Understanding Big Blue

Oct 13, 2023 By Triston Martin

In the early 1980s, Big Blue arose in the financial and popular press as a moniker for IBM. The name is not clear on its roots, but it is believed to be referring to the blue hue of the cases on IBM's computers. The name was adopted by IBM, which has been content to leave its roots in the shadows and has named several of its projects with a nod to the name. For instance, Deep Blue, IBM's computer that plays chess, beat master Garry Kasparov during a controversial tournament in 1997. The first printed mention of the Big Blue nickname appeared in Businessweek magazine's June 8, 1981 issue. It is believed to have been made by an unidentified IBM fan.

The History of Big Blue

IBM began in 1911 as the Computing-Tabulating-Recording Company in Endicott, NY. CTR is a holding corporation founded in 1912 by Charles R. Flint that combined three companies that made scales, punch-card data processors, and employees time clocks. It was in 1924 that CTR changed its name to International Business Machines. In the next century, IBM was one of the world's leading technological innovators, developing inventions, inventing, and constructing hundreds of software and hardware information technology. IBM is the source of many inventions that were quickly adopted as common, such as the UPC barcode and the magnetic stripe cards and the personal computer, the floppy disk, the HDD drive, and the ATM.

IBM technologies were essential in developing U.S. government initiatives such as the introduction of the Social Security Act in 1935 and numerous NASA missions starting with the 1963 Mercury flight until the lunar landing in 1969 and even beyond. IBM has the highest number of U.S. patents of any firm. The first of the multinational conglomerates to be established in U.S. history, IBM is a multi-national company that spans 175 countries and employs around 350,000 workers across the globe.

In 2010 IBM decided to move from a traditional hardware company to a leading technology company with its expertise in AI, Cloud, IOT, Digital, and Blockchain, known as strategic imperatives to IBMers. IBM did what they are best at and introduced radical new technological innovations like Watson and IBM Cloud. It could have been IBM's chance to shake up the technology business. But, IBM was again not aware of Christensen's amazing BSSE theories.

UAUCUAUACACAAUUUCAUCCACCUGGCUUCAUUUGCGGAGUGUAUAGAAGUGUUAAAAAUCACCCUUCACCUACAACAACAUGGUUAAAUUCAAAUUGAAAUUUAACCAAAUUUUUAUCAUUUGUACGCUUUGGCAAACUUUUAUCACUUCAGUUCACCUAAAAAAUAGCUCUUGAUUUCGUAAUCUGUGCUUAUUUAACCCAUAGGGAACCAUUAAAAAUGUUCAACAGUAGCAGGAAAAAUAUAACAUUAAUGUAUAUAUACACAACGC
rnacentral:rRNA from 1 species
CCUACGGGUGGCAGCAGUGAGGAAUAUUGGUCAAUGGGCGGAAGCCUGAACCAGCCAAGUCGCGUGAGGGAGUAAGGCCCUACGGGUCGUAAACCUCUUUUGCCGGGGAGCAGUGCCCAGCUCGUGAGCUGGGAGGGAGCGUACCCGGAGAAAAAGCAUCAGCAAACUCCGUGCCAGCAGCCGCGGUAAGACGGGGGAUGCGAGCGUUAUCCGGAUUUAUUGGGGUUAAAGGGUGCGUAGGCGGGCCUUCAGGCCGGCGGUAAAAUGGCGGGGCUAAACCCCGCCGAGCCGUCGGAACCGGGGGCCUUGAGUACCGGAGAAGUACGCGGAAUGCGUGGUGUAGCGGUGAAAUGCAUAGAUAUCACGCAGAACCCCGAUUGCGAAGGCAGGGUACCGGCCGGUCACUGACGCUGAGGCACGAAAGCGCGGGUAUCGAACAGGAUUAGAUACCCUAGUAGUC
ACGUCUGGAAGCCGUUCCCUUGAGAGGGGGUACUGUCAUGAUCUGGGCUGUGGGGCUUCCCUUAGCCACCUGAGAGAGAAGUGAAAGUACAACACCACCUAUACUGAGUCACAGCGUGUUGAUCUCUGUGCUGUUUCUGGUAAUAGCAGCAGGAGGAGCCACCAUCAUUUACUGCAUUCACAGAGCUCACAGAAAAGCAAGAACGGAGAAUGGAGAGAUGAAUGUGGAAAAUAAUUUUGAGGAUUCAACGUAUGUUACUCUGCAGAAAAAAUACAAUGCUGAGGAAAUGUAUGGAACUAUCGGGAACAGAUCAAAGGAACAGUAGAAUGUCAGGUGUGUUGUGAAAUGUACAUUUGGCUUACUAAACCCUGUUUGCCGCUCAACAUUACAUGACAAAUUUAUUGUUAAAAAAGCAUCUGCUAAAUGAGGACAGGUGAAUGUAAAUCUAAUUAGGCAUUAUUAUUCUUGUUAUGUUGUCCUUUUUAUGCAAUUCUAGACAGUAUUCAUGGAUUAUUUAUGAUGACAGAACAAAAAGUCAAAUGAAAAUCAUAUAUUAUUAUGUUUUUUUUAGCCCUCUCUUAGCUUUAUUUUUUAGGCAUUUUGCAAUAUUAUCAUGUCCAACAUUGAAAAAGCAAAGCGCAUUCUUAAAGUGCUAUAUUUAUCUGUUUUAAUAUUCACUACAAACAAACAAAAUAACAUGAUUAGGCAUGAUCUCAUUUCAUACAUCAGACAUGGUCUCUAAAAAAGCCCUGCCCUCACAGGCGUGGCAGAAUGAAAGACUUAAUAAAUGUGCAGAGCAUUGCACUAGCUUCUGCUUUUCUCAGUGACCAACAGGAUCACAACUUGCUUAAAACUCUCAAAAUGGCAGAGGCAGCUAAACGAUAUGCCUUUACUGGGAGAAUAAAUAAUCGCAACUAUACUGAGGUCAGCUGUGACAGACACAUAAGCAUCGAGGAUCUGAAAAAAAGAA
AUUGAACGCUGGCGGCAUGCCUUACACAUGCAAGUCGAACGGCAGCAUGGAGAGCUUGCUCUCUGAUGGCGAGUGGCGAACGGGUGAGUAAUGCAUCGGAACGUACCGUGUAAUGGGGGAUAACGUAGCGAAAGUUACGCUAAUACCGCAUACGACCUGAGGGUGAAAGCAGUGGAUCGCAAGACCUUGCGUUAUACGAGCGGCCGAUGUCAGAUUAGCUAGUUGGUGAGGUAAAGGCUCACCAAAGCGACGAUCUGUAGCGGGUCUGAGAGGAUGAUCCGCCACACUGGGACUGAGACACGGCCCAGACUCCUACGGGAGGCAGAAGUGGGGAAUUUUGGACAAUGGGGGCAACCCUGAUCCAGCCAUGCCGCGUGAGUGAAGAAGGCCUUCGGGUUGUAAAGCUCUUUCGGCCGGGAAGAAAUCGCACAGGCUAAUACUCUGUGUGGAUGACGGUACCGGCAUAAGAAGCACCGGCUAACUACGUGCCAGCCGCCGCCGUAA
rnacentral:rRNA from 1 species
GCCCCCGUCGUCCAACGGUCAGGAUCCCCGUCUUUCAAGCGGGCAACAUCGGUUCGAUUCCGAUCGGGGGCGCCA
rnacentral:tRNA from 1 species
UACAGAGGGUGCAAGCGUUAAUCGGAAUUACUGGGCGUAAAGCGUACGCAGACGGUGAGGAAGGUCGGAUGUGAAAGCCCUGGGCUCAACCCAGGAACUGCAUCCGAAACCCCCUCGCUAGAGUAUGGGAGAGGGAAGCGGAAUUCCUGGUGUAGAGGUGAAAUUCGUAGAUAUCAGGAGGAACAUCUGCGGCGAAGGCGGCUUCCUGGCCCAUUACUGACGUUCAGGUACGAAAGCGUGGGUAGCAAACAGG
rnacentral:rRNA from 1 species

In lieu of commercializing AI by starting with simple solutions like Siri and Alexa, IBM aimed moonshots for its Fortune 500 partners trying to substitute lawyers and doctors. In the meantime, companies that cater to consumers experienced rapid growth and eventually grew enough to invest huge resources into researching and acquiring talent. Amazon, Google, and Facebook created huge consumer-facing companies that allow them to test, develop and scale any new technology, including AI or Cloud. IBM could not match AWS in cloud computing or Deepmind for AI.

The main obstacle facing IBM is changing the culture, recruiting talent, and getting into the field of consumer tech. IBM is a leader in research as well as software expertise. However, commercializing its inventions or patents has one of the major challenges. To compete with Amazon and Google, IBM needs to employ more business and consumer-oriented employees. As a 106-year-old technology-based company, finding new talent who wants to work in fast-paced and rapid-growth environments is a major issue. One solution temporarily is to concentrate on acquiring startups and partnering with VCs. In the end, IBM has to break its trance and prejudice against consumer-based business. B2C can help IBM increase the scale of its innovation and draw in more talented people. IBM is an excellent and important business that made significant positive impacts on the world.

Solid Positions in London as one of the Biggest Financial Centers

IBM is also present in the London region, as they provide numerous large financial institutions consulting companies, institutions, and consultancy firms. IBM is among the leading providers of solutions that include servers and huge software systems to support the operations of financial institutions. Continuous cooperation with its partners demands demonstration and training facilities that can host demonstrations of products, press conferences, and educational or training events. IBM created several training spaces in this area of the UK to enable them to market IBM products to local financial and industry sectors.

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